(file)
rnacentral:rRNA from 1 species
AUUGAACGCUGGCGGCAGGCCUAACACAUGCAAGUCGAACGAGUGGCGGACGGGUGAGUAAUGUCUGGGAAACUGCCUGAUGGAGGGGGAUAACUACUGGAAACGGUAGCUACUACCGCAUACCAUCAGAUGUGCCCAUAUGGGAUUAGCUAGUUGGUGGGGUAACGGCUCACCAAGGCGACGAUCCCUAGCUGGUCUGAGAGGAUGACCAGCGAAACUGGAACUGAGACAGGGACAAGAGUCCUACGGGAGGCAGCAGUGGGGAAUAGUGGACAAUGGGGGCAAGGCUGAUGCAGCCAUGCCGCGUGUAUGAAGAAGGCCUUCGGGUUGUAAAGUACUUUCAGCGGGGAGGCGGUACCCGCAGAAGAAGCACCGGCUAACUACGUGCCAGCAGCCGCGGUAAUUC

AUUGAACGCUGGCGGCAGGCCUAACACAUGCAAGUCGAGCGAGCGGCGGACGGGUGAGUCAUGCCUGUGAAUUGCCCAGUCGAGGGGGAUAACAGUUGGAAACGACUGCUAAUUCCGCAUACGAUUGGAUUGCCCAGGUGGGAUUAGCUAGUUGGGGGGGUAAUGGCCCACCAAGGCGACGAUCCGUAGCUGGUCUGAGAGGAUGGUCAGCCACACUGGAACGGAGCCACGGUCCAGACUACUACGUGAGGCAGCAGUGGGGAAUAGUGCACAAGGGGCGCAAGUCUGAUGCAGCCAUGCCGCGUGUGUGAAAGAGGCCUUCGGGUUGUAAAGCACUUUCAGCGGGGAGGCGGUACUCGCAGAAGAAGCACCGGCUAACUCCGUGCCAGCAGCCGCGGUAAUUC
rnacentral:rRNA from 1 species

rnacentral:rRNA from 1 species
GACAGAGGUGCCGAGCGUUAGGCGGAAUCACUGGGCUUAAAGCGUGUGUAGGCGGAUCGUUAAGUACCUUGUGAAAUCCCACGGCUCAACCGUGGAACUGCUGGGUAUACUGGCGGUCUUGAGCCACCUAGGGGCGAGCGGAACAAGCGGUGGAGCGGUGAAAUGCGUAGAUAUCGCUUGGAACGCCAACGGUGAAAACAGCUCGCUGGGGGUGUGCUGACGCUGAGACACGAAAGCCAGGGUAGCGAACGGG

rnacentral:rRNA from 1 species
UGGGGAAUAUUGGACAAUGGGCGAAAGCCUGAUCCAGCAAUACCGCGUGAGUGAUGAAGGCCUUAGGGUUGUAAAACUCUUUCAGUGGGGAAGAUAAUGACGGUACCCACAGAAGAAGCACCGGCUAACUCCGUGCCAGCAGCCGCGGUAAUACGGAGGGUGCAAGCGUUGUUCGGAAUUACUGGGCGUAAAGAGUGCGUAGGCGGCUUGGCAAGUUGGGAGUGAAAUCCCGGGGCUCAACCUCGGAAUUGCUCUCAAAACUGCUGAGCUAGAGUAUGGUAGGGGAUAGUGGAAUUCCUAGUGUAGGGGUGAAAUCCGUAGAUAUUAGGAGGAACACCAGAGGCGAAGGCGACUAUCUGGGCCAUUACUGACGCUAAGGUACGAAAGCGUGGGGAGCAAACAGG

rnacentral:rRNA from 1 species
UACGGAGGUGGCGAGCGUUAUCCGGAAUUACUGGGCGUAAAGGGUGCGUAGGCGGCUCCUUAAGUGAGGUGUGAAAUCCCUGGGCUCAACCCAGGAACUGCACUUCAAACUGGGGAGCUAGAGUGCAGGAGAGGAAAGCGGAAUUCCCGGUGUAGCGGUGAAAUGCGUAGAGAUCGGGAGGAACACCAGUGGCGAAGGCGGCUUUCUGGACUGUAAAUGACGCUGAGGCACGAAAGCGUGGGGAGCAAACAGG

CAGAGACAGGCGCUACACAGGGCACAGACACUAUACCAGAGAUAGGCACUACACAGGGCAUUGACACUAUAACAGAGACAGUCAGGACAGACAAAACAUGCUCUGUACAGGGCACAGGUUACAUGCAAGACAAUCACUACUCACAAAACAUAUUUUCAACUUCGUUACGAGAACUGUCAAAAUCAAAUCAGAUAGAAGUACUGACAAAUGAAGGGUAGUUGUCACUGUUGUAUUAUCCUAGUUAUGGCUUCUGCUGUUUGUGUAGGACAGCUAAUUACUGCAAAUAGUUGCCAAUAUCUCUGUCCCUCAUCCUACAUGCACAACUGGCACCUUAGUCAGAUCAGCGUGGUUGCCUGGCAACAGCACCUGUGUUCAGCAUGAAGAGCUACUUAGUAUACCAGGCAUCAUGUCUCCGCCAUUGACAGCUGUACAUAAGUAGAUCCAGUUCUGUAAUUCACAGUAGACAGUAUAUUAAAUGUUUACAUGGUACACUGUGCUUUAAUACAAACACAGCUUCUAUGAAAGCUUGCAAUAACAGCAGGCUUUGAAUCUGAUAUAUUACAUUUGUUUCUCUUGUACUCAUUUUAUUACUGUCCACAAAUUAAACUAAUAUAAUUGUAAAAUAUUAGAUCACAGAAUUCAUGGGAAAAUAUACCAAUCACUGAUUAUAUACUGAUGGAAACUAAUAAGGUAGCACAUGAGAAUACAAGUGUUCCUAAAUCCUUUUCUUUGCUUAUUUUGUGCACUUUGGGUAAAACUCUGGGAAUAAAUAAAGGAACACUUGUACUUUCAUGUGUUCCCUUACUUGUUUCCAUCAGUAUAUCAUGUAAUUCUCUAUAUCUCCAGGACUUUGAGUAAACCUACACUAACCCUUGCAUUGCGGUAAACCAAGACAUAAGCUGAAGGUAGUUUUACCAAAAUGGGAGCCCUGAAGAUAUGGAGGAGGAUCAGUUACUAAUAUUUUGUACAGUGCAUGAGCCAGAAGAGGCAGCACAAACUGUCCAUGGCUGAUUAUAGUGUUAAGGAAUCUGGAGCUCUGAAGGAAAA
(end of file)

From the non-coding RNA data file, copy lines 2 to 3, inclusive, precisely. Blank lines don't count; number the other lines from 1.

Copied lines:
AUUGAACGCUGGCGGCAGGCCUAACACAUGCAAGUCGAACGAGUGGCGGACGGGUGAGUAAUGUCUGGGAAACUGCCUGAUGGAGGGGGAUAACUACUGGAAACGGUAGCUACUACCGCAUACCAUCAGAUGUGCCCAUAUGGGAUUAGCUAGUUGGUGGGGUAACGGCUCACCAAGGCGACGAUCCCUAGCUGGUCUGAGAGGAUGACCAGCGAAACUGGAACUGAGACAGGGACAAGAGUCCUACGGGAGGCAGCAGUGGGGAAUAGUGGACAAUGGGGGCAAGGCUGAUGCAGCCAUGCCGCGUGUAUGAAGAAGGCCUUCGGGUUGUAAAGUACUUUCAGCGGGGAGGCGGUACCCGCAGAAGAAGCACCGGCUAACUACGUGCCAGCAGCCGCGGUAAUUC

AUUGAACGCUGGCGGCAGGCCUAACACAUGCAAGUCGAGCGAGCGGCGGACGGGUGAGUCAUGCCUGUGAAUUGCCCAGUCGAGGGGGAUAACAGUUGGAAACGACUGCUAAUUCCGCAUACGAUUGGAUUGCCCAGGUGGGAUUAGCUAGUUGGGGGGGUAAUGGCCCACCAAGGCGACGAUCCGUAGCUGGUCUGAGAGGAUGGUCAGCCACACUGGAACGGAGCCACGGUCCAGACUACUACGUGAGGCAGCAGUGGGGAAUAGUGCACAAGGGGCGCAAGUCUGAUGCAGCCAUGCCGCGUGUGUGAAAGAGGCCUUCGGGUUGUAAAGCACUUUCAGCGGGGAGGCGGUACUCGCAGAAGAAGCACCGGCUAACUCCGUGCCAGCAGCCGCGGUAAUUC